...'Galadriel!' he said faintly, and then he heard voices far off but clear: the crying of the Elves as they walked under the stars in the beloved shadows of the Shire, and the music of the Elves as it came through his sleep in the hall of Fire in the house of Elrond.
Gilthoniel A Elbereth!

...And then his tongue was loosed and his voice cried in a language which he did not know:
A Elbereth Gilthoniel
o menel palan-diriel,
le nallan si di'nguruthos!
A tiro nin, Fanuilos!

...And with that he staggered to his feet and was Samwise the hobbit, Hamfast's son, again.
...'Now come, you filth!' he cried. 'You've hurt my master, you brute, and you'll pay for it. We're going on; but we'll settle with you first. Come on, and taste it again!'"

..."'Master, dear master!' said Sam, and through a long silence waited, listening in vain.
...Then as quickly as he could he cut away the binding cords and laid is head upon Frodo's breast, and to his mouth, but no stir of life could he find, nor feel the faintest flutter of the heart. Often he chafed his master's hands and feet, and touched his brow, but all were cold.
...'Frodo, Mr. Frodo!' he called. 'Don't leave me here alone! It's your Sam calling. Don't go where I can't follow! Wake up, Mr. Frodo! O wake up, Frodo, me dear, me dear. Wake up!'
...Then anger surged over him, and he ran about his master's body in a rage, stabbing the air, and smiting the stones, and shouting challenges. Presently he came back, and bending looked at Frodo's face, pale beneath him in the dusk. And suddenly he saw that what was in the picture that was revealed to him in the mirror of Galadriel in Lórien: Frodo with a pale face lying fast asleep under a great dark cliff... ...And then black despair came down on him, and Sam bowed to the ground, and drew his grey hood over his head, and night came into his heart, and he knew no more."

..."When at last the blackness passed, Sam looked up and shadows were about him; but for how many minutes or hours the world had gone dragging on he could not tell. He was still in the same place, and still his master lay beside him dead. The mountains had not crumbled nor the earth fallen to ruin.
...'What shall I do, what shall I do?' he said. 'Did I come all this way with him for nothing?' And then he remembered his own voice speaking words that at the time he did not understand himself, at the beginning of their journey: I have something to do before the end. I must see it through, sir, if you understand.'
...'But what can I do? Not leave Mr. Frodo dead, unburied on the top of the mountains, and go home? Or go on? Go on?' he repeated, and for a moment doubt and fear shook him. 'Go on? Is that what I've got to do? And leave him?'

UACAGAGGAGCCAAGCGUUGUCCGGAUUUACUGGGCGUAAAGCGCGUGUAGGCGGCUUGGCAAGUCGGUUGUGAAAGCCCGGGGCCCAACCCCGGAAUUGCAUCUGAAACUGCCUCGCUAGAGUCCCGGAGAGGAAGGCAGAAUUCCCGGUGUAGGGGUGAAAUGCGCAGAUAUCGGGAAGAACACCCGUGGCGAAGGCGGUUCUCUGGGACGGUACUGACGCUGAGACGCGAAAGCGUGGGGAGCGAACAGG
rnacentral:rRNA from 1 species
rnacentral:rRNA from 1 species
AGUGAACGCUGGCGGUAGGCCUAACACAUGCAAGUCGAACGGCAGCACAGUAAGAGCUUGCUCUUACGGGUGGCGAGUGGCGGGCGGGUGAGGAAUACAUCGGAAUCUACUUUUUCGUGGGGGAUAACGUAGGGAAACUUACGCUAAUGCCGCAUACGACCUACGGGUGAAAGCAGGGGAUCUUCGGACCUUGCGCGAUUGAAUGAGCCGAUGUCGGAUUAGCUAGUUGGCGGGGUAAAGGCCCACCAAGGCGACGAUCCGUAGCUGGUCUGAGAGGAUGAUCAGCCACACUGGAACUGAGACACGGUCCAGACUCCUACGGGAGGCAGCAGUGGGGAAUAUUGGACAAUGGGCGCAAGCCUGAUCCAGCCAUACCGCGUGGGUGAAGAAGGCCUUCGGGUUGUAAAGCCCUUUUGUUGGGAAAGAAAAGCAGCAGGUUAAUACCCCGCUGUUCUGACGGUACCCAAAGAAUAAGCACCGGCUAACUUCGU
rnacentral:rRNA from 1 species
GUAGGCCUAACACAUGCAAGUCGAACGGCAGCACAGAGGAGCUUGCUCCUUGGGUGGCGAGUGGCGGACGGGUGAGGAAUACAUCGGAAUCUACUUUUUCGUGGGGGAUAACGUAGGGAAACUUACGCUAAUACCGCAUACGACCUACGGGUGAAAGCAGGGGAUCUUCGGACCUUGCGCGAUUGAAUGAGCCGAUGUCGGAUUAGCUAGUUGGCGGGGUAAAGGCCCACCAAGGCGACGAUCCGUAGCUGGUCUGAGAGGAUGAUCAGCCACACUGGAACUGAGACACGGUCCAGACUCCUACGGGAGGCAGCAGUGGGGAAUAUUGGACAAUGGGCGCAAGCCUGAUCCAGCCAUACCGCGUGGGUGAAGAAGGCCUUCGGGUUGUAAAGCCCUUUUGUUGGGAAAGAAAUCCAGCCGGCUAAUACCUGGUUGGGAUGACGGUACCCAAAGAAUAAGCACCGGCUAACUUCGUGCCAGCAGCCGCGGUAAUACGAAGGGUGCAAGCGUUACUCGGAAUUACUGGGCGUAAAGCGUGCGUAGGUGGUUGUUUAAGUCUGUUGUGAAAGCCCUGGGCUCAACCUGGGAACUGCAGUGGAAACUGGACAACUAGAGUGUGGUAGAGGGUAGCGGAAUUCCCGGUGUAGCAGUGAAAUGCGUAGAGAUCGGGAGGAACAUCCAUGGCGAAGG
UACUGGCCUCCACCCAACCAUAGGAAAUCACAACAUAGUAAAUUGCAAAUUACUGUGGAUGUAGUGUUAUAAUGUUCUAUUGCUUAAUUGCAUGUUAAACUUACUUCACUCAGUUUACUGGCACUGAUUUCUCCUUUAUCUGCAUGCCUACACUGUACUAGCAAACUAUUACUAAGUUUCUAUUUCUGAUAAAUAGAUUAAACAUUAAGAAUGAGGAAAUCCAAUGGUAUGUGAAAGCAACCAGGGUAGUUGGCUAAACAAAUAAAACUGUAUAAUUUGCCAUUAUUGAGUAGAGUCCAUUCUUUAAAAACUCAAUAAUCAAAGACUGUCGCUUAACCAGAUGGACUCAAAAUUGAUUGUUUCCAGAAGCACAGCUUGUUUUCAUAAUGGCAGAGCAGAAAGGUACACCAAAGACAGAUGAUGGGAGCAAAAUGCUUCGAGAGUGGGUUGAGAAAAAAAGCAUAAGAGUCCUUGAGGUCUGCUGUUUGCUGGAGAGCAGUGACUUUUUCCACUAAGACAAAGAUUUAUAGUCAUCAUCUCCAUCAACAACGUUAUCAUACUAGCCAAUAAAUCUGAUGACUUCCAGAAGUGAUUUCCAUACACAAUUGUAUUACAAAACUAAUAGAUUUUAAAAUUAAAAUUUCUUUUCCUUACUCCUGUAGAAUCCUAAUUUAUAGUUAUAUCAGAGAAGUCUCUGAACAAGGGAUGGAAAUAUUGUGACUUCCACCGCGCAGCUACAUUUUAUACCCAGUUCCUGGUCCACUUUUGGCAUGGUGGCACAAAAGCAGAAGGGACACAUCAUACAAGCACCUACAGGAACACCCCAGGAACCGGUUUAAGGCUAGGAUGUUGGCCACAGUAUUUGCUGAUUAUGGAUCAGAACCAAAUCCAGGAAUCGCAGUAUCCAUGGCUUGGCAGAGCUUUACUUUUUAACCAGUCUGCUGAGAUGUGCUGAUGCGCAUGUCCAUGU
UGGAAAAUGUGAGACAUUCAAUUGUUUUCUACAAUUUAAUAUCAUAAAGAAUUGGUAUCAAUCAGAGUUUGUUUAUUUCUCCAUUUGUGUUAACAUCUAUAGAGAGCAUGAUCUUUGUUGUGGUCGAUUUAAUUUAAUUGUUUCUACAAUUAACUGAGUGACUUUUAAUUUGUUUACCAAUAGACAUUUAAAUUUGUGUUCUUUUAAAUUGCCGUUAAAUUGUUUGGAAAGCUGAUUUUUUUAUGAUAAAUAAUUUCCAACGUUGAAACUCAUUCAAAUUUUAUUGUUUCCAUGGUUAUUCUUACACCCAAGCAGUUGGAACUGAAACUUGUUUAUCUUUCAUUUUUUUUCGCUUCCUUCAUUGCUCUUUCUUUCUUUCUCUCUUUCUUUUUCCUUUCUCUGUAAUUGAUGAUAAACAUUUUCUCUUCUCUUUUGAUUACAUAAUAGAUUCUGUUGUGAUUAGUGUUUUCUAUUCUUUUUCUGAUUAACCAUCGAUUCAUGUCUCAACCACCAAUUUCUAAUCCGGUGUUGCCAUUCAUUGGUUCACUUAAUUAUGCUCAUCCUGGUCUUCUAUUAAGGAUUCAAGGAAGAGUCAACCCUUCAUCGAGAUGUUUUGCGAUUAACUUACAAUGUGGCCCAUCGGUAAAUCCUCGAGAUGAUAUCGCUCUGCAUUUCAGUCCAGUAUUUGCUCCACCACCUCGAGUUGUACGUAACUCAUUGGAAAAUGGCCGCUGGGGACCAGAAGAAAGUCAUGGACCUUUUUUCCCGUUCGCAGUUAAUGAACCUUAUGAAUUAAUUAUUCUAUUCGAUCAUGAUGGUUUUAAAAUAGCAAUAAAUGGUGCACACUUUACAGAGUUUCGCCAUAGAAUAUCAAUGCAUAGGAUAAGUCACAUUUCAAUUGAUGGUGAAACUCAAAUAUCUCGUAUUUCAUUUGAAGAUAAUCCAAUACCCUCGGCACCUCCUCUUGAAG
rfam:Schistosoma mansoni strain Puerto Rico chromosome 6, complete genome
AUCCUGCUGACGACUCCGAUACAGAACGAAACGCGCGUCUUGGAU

...Then at last he began to weep; and going to Frodo he composed his body, and folded his cold hands upon his breast, and wrapped his cloak about him; and he laid his own sword at one side, and the staff that Faramir had given at the other.
...'If I'm to go on,' he said, 'then I must take your sword, by our leave, Mr. Frodo, but I'll put this one to lie by you, as it lay by the old king in the barrow; and you've got your beautiful mithril coat from old Mr. Bilbo. And your star-glass, Mr. Frodo, you did lend it to me and I'll need it, for I'll be always in the dark now. It's too good for me, and the Lady gave it to you, but maybe she'd understand. Do you understand, Mr. Frodo? I've got to go on.'
...But he could not go, not yet. He knelt and held Frodo's hand and could not release it. And time went by and still he knelt, holding his master's hand, and in his heart keeping a debate.
...Now he tried to find strength to tear himself away and go on a lonely journey--for vengeance. If once he could go, his anger would bear him down all the roads of the world, pursuing, until he had him at last: Gollum. Then Gollum would die in a corner. But that was not what he had set out to do. It would not be worth while to leave his master for that. It would not bring him back. Nothing would. They had better both be dead together. And that too would be a lonely journey.
...He looked on the bright point of the sword. He thought of the places behind where there was a black brink and an empty fall into nothingness. There was no escape that way. That was to do nothing, not even to grieve. That was not what he had set out to do. 'What am I to do then?' he cried again, and now he seemed plainly to know the hard answer: see it through. Another lonely journey, and the worst.
...'What? Me, alone, go to the Crack of Doom and all?' He quailed still, but the resolve grew. 'What? Me take the Ring from him? The council gave it to him.'
...But the answer came at once: 'And the Council gave him companions, so that the errand should not fail. And you are the last of all the Company. The errand must not fail.'
...'I wish I wasn't the last,' he groaned. 'I wish old Gandalf was here, or somebody. Why am I left all alone to make up my mind? I'm sure to go wrong. And it's not for me to go taking the Ring, putting myself forward.'